Thursday, December 18, 2008

The Myth of the Midas Touch

As the list of victims grows, the Bernard Madoff scandal is proving once again that the easiest prey for get-rich-quick schemes are the rich.

On the PBS News Hour the other night, my old friend Mort Zuckerman, who made billions in real estate and then went into publishing, seemed stunned at the wipeout of $30 million from his charitable fund's investments, which were made by someone he trusted who in turn trusted Madoff.

The same mistake was made by international banks, hedge funds, asset managers, at least one US senator and other money-hungry believers in magic down to the proverbial little old ladies in tennis shoes of Palm Beach, Florida, all of whom deemed it a privilege to be allowed into Madoff's Ponzi scheme, which was showing annual returns of 11 percent and more.

A lifetime of dealing with the very rich has made me suspect that many are one-trick ponies, very good at what brought them wealth, but susceptible of being flattered by flim-flam artists like Madoff, who make them feel smarter than everybody else at maximizing their money (an attitude taken to the extreme by the late Leona Helmsley, who said before going to prison for tax evasion, "Paying taxes is only for the little people.")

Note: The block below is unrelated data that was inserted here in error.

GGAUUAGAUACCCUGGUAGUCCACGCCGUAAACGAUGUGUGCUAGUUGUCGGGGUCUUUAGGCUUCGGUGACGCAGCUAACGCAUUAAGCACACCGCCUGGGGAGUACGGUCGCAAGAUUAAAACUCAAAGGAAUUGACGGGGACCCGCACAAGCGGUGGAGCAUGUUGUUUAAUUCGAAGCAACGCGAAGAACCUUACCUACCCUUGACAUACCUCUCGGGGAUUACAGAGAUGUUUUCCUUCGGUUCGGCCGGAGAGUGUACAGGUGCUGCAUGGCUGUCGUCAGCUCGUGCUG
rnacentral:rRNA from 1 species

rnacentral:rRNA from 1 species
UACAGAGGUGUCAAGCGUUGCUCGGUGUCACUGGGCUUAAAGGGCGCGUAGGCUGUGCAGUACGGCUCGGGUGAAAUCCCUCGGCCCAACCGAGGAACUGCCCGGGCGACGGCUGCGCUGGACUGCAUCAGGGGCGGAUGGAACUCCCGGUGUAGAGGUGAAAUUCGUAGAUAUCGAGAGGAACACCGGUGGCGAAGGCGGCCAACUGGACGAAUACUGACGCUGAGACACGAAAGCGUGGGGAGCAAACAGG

The rest of us are more likely to subscribe to the old adage, "If it sounds too good to be true, it probably isn't" and go our financially paranoid ways.

Now the economic waves have wiped him out and Madoff is under luxury house arrest, as prosecutors try to find out what happened to all that smart money. It's highly unlikely that other predators like him won't be washed up by outgoing tide.

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